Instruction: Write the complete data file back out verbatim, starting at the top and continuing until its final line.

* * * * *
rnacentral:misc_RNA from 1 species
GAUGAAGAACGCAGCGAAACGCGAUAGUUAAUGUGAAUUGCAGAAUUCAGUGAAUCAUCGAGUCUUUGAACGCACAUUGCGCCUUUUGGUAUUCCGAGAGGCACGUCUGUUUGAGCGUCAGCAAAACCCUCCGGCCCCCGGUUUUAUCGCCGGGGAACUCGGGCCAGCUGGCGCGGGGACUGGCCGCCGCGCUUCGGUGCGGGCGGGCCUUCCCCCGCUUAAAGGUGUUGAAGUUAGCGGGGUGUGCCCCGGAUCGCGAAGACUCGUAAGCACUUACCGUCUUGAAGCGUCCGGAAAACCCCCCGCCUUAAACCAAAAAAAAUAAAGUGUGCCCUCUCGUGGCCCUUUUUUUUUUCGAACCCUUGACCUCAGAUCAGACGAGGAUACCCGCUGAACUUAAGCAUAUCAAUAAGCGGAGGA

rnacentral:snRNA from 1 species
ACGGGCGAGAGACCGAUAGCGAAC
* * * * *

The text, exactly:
rnacentral:misc_RNA from 1 species
GAUGAAGAACGCAGCGAAACGCGAUAGUUAAUGUGAAUUGCAGAAUUCAGUGAAUCAUCGAGUCUUUGAACGCACAUUGCGCCUUUUGGUAUUCCGAGAGGCACGUCUGUUUGAGCGUCAGCAAAACCCUCCGGCCCCCGGUUUUAUCGCCGGGGAACUCGGGCCAGCUGGCGCGGGGACUGGCCGCCGCGCUUCGGUGCGGGCGGGCCUUCCCCCGCUUAAAGGUGUUGAAGUUAGCGGGGUGUGCCCCGGAUCGCGAAGACUCGUAAGCACUUACCGUCUUGAAGCGUCCGGAAAACCCCCCGCCUUAAACCAAAAAAAAUAAAGUGUGCCCUCUCGUGGCCCUUUUUUUUUUCGAACCCUUGACCUCAGAUCAGACGAGGAUACCCGCUGAACUUAAGCAUAUCAAUAAGCGGAGGA

rnacentral:snRNA from 1 species
ACGGGCGAGAGACCGAUAGCGAAC